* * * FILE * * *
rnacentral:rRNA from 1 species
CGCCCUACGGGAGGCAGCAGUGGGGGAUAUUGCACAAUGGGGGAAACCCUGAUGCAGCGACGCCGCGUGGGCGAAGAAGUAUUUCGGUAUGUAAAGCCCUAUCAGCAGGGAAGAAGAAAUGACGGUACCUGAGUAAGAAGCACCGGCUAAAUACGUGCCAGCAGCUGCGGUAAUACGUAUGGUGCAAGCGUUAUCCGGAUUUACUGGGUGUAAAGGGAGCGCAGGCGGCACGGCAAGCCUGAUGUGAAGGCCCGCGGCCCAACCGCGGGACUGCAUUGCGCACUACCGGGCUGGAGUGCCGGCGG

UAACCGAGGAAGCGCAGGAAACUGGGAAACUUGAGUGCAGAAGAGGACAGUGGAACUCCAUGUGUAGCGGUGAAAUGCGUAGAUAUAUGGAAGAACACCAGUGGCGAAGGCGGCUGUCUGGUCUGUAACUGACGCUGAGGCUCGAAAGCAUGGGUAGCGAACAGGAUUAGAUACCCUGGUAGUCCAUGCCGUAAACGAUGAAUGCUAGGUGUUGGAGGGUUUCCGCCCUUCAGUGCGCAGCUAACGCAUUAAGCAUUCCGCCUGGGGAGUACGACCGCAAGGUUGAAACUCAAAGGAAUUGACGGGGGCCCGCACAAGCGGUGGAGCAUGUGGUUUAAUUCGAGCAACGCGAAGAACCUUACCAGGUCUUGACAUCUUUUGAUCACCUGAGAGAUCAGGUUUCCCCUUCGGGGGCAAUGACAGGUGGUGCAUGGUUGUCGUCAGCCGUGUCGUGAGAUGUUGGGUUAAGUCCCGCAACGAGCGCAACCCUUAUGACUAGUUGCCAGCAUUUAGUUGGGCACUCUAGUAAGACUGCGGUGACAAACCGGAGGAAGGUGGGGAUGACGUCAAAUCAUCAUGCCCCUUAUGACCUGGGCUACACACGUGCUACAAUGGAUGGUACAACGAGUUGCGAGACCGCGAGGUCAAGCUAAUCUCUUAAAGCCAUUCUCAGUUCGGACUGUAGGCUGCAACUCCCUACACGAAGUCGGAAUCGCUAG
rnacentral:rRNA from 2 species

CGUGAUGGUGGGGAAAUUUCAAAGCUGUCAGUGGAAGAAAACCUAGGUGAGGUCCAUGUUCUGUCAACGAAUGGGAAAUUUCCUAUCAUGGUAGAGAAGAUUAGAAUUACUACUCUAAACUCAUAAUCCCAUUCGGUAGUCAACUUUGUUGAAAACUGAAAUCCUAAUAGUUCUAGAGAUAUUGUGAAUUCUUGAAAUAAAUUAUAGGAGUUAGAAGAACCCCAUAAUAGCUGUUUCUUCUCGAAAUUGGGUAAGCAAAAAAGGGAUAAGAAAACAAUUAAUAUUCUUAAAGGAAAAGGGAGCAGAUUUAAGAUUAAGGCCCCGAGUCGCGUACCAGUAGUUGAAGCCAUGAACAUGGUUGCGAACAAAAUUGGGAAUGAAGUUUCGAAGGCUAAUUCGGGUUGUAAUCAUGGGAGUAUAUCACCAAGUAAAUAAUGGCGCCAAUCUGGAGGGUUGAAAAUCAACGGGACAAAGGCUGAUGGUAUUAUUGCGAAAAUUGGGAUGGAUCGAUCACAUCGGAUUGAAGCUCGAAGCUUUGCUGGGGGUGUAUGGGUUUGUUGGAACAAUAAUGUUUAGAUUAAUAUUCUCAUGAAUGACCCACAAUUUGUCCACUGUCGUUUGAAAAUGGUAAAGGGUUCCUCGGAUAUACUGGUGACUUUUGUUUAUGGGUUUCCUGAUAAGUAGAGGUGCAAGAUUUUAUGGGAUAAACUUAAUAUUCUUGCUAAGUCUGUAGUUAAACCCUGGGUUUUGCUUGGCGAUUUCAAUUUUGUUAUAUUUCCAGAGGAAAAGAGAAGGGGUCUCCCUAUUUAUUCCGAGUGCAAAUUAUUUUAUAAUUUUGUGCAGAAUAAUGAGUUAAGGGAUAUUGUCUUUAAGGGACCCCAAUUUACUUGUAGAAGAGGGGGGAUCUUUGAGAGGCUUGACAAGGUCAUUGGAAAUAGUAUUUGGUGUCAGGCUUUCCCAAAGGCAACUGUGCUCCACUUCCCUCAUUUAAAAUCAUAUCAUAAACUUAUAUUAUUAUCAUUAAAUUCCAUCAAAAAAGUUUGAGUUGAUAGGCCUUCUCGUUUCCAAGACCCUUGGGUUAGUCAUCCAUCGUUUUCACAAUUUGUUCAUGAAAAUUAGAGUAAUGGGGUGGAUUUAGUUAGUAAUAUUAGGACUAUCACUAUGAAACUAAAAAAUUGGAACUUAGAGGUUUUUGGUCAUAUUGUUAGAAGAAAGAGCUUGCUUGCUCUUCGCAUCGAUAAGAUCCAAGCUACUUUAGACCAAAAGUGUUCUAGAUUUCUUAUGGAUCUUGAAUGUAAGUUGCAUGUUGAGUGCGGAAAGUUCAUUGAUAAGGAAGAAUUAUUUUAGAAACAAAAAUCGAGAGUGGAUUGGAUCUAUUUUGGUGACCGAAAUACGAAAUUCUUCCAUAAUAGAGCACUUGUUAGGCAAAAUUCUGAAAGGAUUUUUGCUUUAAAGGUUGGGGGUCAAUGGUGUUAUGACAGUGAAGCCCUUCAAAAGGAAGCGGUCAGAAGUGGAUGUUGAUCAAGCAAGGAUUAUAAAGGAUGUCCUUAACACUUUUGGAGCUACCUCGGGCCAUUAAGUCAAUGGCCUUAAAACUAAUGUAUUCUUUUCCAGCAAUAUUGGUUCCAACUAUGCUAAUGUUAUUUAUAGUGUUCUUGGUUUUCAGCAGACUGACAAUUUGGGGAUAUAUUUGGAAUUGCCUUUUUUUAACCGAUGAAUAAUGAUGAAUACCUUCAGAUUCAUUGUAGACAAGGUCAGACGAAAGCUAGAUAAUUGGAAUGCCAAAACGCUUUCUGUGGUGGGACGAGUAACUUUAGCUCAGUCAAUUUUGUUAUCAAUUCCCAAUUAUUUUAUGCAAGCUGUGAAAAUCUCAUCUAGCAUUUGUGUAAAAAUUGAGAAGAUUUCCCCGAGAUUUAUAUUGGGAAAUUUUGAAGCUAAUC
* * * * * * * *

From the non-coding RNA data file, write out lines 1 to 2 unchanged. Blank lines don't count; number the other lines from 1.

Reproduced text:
rnacentral:rRNA from 1 species
CGCCCUACGGGAGGCAGCAGUGGGGGAUAUUGCACAAUGGGGGAAACCCUGAUGCAGCGACGCCGCGUGGGCGAAGAAGUAUUUCGGUAUGUAAAGCCCUAUCAGCAGGGAAGAAGAAAUGACGGUACCUGAGUAAGAAGCACCGGCUAAAUACGUGCCAGCAGCUGCGGUAAUACGUAUGGUGCAAGCGUUAUCCGGAUUUACUGGGUGUAAAGGGAGCGCAGGCGGCACGGCAAGCCUGAUGUGAAGGCCCGCGGCCCAACCGCGGGACUGCAUUGCGCACUACCGGGCUGGAGUGCCGGCGG